John Norman's epic Gorean Saga is one of the longest-running and most successful series in the history of fantasy. It is also one of the most controversial. Over the course of more than thirty books produced over a span of six decades, the series has sold millions of copies and built legions of fans unrivaled in their devotion
In MARINERS OF GOR, Book 30 of the Gorean Saga, many on Gor do not believe that the great ship, the ship of Tersites, the lame, scorned, half-blind, half-mad shipwright, originally of Port Kar exists. Surely it is a matter of no more than legend. In the previous audiobook, however, SWORDSMEN OF GOR, we learn that the great ship, commissioned by unusual warriors for a mysterious mission, was secretly built in the northern forests, and brought down the Alexandra to Thassa, the sea, beginning her voyage to the "World's End," hazarding waters beyond the "farther islands," from which no previous ship had returned.
©2011 John Norman (P)2013 Audible, Inc.
Poet, Writer, Novice Planetary Scientist, Musician, Hooligan, Former Audience Guy, Protector of Stupid Princesses.
Our Narrator is not Tarl Cabot here, but Tarl is very much present in this story. This is a return to what I expect of a Gor Novel, thorns and all. I loved it, I loved the different narrator, and understand why it was necessary. Comments on the story would all be spoilers,but Tarl Cabot ends going on a grand adventure to the Ends of the World. Enjoy.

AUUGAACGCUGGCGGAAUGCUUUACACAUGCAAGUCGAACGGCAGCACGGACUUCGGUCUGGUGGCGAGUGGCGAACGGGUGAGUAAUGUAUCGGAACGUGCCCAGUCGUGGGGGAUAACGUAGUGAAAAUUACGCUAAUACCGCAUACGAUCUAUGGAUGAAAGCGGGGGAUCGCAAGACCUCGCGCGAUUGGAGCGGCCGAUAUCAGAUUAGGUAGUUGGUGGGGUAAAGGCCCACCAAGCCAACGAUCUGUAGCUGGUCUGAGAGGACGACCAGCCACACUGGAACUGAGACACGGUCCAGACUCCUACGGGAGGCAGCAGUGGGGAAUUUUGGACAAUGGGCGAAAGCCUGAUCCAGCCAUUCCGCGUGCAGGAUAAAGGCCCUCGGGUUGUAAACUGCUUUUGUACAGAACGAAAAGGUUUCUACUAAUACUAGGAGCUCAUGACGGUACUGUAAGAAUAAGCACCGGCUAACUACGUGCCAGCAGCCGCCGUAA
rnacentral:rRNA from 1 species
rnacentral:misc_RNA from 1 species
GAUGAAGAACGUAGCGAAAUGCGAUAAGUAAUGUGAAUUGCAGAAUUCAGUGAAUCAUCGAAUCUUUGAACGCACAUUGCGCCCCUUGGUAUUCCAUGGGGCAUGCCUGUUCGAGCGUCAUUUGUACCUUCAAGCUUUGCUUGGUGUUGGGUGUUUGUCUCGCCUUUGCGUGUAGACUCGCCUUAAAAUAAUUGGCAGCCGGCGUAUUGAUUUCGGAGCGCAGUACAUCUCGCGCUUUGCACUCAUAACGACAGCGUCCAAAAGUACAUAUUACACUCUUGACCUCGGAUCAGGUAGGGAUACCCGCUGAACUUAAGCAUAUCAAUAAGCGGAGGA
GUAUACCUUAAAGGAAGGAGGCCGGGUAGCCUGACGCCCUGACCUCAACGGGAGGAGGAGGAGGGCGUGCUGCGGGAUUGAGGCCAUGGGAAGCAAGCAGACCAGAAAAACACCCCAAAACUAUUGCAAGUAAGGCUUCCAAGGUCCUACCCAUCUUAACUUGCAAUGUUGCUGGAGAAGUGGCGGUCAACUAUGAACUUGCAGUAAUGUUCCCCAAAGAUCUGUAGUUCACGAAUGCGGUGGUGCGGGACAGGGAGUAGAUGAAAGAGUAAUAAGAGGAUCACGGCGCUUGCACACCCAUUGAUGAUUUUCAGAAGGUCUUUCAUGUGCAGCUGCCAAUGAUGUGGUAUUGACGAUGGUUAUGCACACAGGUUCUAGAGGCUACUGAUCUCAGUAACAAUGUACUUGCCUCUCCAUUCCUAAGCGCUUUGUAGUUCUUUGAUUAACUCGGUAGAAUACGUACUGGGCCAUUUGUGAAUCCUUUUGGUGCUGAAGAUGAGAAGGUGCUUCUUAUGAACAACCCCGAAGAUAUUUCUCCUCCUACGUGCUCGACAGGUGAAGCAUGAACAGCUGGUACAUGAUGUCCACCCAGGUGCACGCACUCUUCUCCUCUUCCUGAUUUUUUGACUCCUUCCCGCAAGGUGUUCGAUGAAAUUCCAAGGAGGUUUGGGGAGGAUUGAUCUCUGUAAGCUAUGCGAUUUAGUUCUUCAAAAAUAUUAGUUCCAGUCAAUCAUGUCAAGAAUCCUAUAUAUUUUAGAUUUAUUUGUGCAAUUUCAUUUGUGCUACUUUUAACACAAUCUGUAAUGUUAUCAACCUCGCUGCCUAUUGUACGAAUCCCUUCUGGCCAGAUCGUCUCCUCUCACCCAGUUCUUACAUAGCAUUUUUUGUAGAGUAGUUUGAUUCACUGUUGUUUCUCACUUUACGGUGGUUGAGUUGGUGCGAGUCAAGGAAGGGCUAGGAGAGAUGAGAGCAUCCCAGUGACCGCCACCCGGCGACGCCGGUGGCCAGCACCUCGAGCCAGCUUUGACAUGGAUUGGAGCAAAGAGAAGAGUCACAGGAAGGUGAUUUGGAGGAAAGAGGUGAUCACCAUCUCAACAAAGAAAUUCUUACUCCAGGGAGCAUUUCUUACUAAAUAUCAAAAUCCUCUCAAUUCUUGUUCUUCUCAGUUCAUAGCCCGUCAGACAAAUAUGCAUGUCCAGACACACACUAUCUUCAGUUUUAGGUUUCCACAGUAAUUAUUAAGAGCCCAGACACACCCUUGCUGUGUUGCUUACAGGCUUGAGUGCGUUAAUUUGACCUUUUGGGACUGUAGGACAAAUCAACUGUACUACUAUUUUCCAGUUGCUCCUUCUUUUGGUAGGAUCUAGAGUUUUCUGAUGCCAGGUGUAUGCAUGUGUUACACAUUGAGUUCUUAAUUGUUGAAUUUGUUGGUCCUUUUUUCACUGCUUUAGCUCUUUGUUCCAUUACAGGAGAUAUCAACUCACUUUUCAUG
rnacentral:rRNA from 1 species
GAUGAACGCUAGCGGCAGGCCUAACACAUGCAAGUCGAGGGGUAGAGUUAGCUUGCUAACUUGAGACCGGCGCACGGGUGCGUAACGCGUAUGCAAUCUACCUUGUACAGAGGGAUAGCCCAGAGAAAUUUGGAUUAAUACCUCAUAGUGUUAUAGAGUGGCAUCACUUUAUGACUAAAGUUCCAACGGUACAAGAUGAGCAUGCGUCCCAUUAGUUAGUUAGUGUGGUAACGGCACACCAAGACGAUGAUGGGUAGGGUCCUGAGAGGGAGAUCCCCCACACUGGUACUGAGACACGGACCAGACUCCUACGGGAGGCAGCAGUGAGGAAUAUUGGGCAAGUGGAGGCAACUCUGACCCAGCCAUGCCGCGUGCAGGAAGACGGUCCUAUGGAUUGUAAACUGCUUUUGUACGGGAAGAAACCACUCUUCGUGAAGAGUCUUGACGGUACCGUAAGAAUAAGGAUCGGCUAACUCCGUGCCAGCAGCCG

Gor books tend to bi-polar. They alternate between sequences of excellent adventure and sequences of Slave, Sleen! Slave, Master. Generally in the hardcopy form you can skip the repetitive and annoying Slave, Sleen! Slave, Master chunks and get to the excellent adventures (or I suppose you could do the reverse). You can't do that easily with an audio novel.
Also the book's narration is confused. The narrator goes over large chunks of obsessive details about Gorean slavery but the book sets it up that the narrator is telling his story to other Goreans. That worked when it was Carl Tabot telling us the story but not so well in this context. Also the narration switches between 'the stranger' and the scribe at different times but both speak in the first person and have the same 'voice' as Carl Tabot. Even worse its the tangle created when the narrator related bits they were told by a woman which is also told in the first person and leaves the impression of the dangerous "stranger" relating this tale and acting out the girl parts. Kind of odd.
Still the action adventure bits were good. He drops you into the action in a way no other writers of swords and sorcery do and I think he could have been one of the greats if he skipped the Slave, Sleen! Slave, Master bits or isolated them to their own book series.
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